So, the Jehovah’s witness people came by the other day. Again. That’s all fine, but just like George Costanza felt about the carpet cleaners, I’m a bit offended that they never try to convert me. Either I give off an inconvertible vibe, which is both fine and true, or they just don’t want me to join, which I have a problem with. They always just ask for my wife, meaning that I always have to cover for her, tell them she’s not home.
This particular time I got in a somewhat sticky situation. We had just come home and when I did the old “she’s not home routine”, the woman kindly replied; We just saw the two of you come home… Quite the predicament. Do I come clean, or do I keep going? That wasn’t her, I said, and I would appreciate it if we could keep this between us, which I feel was a decent enough reply there on the spot. Then we both laughed it off. She knew I was full of shit. I knew she knew I was full of shit. She knew I knew she knew I was full of shit and so forth… It’s the kind of mind game you play with the Jehovah’s. It’s a back and forth battle of innocent lies. Good times.
Rocky IV, East Meets West, DIPA
I prefer my IPAs in the 6 to 7% ABV range. Below 6% they tend to be a bit thin, and above 7% they tend to lose drinkability. Why then did I decide to brew an 8.4% double IPA? Short answer is I didn’t. I did brew one, but never decided to. Either my mash efficiency went through the roof or I measured something wrong. If I remember correctly, I meant to brew a 7% ABV west coast IPA, but ended up brewing a double NEIPA instead.
At least the judges who evaluated the beer in this year’s Himabisse competition called it a double NEIPA, even though I entered it as a DIPA. Can’t blame them, as it looks and tastes like a NEIPA. So why wouldn’t it be a NEIPA then? Well for one, the malt bill was 100% Pilsner malt. No wheat or oats of any kind. Secondly, calculated IBU’s were 88. Not sure exactly how many IBUs double NEIPAs usually have, but I would assume less. At the same time, based on the feedback from the judges, they appear to have liked the bitterness and felt I could even have upped it a little. All in all, it got quite positive feedback from the judges. One judge even called it exemplary. Now I only need to figure out exactly what style it is exemplary of.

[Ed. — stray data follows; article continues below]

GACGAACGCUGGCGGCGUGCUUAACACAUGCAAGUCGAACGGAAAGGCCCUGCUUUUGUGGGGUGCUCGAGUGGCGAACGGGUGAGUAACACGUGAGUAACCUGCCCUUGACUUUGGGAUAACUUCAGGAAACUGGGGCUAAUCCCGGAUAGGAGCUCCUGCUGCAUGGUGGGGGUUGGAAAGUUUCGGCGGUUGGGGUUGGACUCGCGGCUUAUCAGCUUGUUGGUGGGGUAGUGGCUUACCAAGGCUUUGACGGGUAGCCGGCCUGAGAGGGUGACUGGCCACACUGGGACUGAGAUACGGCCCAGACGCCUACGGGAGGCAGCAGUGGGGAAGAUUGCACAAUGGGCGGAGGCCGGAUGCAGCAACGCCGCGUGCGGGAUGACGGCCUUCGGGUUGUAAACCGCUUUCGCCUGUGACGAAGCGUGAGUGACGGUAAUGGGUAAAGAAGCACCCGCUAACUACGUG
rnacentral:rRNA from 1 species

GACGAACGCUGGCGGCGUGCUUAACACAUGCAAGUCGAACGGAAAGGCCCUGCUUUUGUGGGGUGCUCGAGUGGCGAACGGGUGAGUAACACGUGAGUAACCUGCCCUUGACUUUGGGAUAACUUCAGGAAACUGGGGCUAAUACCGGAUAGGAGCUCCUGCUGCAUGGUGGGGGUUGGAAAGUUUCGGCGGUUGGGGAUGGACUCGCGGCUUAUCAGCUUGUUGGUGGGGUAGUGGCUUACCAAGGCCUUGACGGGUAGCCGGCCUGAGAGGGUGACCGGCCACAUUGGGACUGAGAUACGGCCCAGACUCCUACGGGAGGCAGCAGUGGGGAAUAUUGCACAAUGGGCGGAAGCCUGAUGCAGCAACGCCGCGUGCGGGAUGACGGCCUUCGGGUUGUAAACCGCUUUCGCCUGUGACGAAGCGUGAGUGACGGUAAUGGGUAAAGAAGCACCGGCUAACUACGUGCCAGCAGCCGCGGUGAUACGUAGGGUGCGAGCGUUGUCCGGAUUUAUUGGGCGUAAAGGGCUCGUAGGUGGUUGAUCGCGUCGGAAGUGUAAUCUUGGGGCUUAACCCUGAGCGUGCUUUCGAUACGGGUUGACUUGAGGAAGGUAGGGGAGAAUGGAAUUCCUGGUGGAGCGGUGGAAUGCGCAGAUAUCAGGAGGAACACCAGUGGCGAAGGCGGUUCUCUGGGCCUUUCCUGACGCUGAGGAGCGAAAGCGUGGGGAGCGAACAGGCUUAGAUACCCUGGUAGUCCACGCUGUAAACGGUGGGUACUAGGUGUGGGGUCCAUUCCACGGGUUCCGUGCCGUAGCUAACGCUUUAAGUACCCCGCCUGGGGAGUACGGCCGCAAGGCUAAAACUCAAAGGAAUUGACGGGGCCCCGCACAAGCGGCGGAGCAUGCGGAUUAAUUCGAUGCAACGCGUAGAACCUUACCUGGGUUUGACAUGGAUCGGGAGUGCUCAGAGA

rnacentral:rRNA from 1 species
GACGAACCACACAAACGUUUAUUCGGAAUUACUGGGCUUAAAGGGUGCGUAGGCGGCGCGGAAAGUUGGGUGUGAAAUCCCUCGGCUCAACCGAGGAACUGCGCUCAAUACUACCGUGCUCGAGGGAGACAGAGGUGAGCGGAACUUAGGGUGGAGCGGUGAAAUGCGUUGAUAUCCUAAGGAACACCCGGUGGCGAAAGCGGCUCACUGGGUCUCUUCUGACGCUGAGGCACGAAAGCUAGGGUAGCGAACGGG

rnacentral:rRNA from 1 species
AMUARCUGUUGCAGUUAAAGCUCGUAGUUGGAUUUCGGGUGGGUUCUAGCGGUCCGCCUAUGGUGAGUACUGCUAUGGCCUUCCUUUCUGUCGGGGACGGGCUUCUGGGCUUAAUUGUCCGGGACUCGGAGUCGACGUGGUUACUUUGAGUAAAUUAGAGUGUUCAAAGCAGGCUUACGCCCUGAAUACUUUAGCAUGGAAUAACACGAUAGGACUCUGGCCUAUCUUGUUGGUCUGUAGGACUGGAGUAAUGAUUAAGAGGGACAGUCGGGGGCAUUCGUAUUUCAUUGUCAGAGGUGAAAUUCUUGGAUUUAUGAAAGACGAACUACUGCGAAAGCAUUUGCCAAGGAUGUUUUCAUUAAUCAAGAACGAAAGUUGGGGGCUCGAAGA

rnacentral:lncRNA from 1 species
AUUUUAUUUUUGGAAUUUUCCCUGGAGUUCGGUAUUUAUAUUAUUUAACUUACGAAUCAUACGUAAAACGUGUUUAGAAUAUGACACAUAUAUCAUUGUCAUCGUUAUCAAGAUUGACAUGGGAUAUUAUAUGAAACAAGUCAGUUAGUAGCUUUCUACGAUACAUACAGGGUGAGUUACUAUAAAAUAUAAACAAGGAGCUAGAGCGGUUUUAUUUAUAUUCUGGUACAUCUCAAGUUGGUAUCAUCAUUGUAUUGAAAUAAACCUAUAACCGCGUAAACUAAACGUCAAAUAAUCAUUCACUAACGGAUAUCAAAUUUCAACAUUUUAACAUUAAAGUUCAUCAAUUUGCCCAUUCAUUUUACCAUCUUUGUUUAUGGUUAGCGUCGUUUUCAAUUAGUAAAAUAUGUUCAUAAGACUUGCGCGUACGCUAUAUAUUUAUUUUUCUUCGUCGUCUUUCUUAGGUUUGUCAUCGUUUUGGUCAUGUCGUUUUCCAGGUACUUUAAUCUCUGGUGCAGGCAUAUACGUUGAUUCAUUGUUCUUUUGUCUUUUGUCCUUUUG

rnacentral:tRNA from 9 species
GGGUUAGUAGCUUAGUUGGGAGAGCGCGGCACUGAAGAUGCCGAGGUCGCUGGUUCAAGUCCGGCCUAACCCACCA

So what’s up with the identity crisis of this IPA? Basically I wanted to brew a west coast IPA, but since I didn’t have the proper ingredients, I decided to make it west coast on the hot side and NEIPA on the cold side, expecting it to come out more like a west coast IPA. Malt bill was as said 100% Pilsner malt. Kettle hops were; 50 grams of Sorachi Ace at 60 minutes, another 50 grams of Sorachi Ace and 100 grams of Simcoe in the whirlpool, giving a total of 88 calculated IBUs. On the cold side I fermented with London ale III and dry hopped with 100 grams of Mosaic for five days, dumped that and dry hopped another five days with an equal amount of Citra. The Mosaic I added two days after brew day, i.e. during active fermentation.
1. You need a decent amount of bitterness in double IPAs to make them at least semi-drinkable. Even though I’m quite happy with how this one turned out, I’m not drinking more than one pint in a session. Final gravity got down to 1.016, which I suppose is ok considering that I didn’t add any simple sugars and it started from 1.080. Had I intended to brew a double IPA, I would have incorporated simple sugars into the recipe, but since this was a double by mistake, adding sugar would only had bumped up the ABV even further.
2. You don’t need to add wheat or oats in order to get haze that sticks around. Haze stability if you will. Never thought I’d use that term, unless I’m punching someone in the face for bringing it up. It looks more or less the same after two month of lagering at 1°C as it did coming out of the fermenter. My theory is that the haze comes from dry hopping during active fermentation. Perhaps choice of yeast and hops matter, but you don’t need to add wheat or oats in order to make a permanently hazy beer. For mouthfeel perhaps, but for me, a double IPA has enough mouthfeel as it is. But maybe that’s just me. You do what you want. Add lactose, pineapple juice, bananas, enzymes and ferment at 60°C with a Kveik strain under pressure and serve it 3 hours after pitching the yeast and call it a lager for all I care. Ciao!